• Press Intern at the United States House of Representatives
How do you feel that the PAC certificate has prepared you for tackling the job?

The PAC certificate has prepared me for this job by teaching me the practical skills I need to work in political communications. Skills like writing press releases, op-eds, social media posts, and creating graphics were all skills that I learned in my PAC classes that I have used as a part of my role on the Hill.

What is your advice for other students looking to take on a similar role, and what advice would you give them if they’re considering a PAC certificate?

If you’re thinking about getting a PAC certificate, don’t think about it anymore, just do it! Getting to learn about political communications under the guidance of Professor Watson has been one of the most rewarding experiences I have had UGA.

What has been your favorite part about living and working in DC?

There are so many things I have loved about living in D.C. this summer, but every time I walk past the Capitol, the Library of Congress, and the Supreme Court on my way to work in the mornings, I am overwhelmed by the fact that I have the opportunity to assist a member of Congress as they serve their Constituents in Washington.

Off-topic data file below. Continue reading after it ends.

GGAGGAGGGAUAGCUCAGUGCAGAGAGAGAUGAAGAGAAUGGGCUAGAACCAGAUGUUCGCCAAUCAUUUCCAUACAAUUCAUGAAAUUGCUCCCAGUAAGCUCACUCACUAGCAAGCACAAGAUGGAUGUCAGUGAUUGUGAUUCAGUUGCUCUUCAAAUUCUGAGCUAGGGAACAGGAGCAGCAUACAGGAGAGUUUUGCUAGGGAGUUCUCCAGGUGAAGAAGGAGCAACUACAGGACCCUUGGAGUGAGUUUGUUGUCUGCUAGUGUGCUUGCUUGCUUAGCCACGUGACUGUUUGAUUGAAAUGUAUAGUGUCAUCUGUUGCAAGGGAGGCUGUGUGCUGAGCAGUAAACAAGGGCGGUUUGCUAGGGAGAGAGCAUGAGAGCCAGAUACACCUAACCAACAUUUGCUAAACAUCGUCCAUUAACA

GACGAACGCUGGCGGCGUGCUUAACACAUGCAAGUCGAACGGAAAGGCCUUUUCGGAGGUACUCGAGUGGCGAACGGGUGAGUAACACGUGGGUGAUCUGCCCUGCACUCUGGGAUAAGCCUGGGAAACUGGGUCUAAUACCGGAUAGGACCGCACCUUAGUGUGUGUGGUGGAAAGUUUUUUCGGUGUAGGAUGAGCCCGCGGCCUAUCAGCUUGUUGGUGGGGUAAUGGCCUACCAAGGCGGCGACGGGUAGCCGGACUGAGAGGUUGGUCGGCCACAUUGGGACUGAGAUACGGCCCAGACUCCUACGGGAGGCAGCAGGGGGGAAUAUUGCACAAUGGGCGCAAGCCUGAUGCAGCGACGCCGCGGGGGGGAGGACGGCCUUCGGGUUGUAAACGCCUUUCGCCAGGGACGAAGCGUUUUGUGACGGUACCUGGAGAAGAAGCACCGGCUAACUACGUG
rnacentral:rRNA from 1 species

Jake Strickland
  • Fourth-year Public Relations and Political Science double major
  • Digital Media and Marketing Intern at Human Rights Campaign (Remote)
How do you feel that the PAC certificate has prepared you for tackling the job?

The PAC certificate has prepared me for my internship by strengthening my writing skills, while also giving me insights into how to network with people.

What is your advice for other students looking to take on a similar role, and what advice would you give them if they’re considering a PAC certificate?

For other students looking to take on a similar role, I would say don’t be nervous to try something new within your internship. If they’re considering a PAC certificate, I would say go for it – it’s one of the best decisions I made in college!

What has been your favorite part about living and working in DC?